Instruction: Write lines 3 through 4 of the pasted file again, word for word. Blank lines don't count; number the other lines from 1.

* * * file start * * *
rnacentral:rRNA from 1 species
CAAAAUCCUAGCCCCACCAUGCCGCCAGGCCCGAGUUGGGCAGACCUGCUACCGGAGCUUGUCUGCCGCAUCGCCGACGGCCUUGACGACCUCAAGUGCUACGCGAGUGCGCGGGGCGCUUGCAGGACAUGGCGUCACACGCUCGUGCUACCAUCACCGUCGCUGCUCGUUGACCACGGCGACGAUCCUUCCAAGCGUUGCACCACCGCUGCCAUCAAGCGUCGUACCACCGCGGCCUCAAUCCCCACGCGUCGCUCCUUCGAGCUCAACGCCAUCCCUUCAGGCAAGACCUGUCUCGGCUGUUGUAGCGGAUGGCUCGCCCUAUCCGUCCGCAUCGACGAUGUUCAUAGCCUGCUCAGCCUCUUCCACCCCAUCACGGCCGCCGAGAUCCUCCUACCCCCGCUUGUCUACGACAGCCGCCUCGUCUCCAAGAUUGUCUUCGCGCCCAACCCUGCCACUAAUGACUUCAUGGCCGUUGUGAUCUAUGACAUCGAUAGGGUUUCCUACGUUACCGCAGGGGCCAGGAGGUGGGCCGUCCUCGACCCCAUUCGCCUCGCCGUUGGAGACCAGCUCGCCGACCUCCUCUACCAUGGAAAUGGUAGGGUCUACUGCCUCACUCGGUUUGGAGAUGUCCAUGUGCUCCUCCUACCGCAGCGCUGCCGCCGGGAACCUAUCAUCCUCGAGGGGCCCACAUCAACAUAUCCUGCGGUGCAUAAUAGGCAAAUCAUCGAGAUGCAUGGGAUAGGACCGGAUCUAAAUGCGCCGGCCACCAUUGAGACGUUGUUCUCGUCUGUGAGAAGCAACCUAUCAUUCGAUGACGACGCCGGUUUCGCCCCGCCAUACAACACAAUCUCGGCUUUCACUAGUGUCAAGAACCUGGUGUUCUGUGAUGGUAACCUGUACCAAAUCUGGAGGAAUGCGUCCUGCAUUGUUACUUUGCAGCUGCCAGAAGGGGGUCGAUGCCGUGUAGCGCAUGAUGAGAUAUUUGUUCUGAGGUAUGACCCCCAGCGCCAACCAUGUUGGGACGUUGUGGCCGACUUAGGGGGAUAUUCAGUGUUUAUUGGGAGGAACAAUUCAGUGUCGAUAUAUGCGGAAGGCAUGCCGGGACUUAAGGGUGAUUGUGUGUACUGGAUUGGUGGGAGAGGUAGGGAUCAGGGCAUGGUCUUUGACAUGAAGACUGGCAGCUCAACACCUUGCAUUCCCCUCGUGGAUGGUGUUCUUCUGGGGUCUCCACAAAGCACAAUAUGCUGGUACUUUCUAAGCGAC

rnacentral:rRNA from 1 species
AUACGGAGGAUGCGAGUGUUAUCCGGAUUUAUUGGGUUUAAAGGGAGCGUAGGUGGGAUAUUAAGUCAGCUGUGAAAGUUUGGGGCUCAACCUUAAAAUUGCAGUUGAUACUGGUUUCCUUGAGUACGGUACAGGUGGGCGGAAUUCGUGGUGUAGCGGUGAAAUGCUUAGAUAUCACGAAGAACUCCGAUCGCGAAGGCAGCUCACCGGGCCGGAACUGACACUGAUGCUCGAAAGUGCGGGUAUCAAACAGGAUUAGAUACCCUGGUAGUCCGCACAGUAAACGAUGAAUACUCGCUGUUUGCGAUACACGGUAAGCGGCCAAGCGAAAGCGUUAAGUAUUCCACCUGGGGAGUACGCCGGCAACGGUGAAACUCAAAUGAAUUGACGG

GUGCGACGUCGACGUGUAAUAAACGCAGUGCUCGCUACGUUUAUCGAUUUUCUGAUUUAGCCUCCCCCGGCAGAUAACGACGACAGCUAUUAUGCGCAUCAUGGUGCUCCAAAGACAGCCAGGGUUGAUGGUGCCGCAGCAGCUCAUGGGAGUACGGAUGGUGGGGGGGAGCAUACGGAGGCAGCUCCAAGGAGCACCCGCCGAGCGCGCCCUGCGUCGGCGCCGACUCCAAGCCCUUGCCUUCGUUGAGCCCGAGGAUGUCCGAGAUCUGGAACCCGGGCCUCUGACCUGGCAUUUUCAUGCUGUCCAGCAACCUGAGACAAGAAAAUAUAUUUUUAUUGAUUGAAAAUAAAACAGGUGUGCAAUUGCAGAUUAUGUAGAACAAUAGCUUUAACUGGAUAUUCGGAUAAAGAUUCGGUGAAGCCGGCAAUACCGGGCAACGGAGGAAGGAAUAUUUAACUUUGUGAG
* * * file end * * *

rnacentral:rRNA from 1 species
AUACGGAGGAUGCGAGUGUUAUCCGGAUUUAUUGGGUUUAAAGGGAGCGUAGGUGGGAUAUUAAGUCAGCUGUGAAAGUUUGGGGCUCAACCUUAAAAUUGCAGUUGAUACUGGUUUCCUUGAGUACGGUACAGGUGGGCGGAAUUCGUGGUGUAGCGGUGAAAUGCUUAGAUAUCACGAAGAACUCCGAUCGCGAAGGCAGCUCACCGGGCCGGAACUGACACUGAUGCUCGAAAGUGCGGGUAUCAAACAGGAUUAGAUACCCUGGUAGUCCGCACAGUAAACGAUGAAUACUCGCUGUUUGCGAUACACGGUAAGCGGCCAAGCGAAAGCGUUAAGUAUUCCACCUGGGGAGUACGCCGGCAACGGUGAAACUCAAAUGAAUUGACGG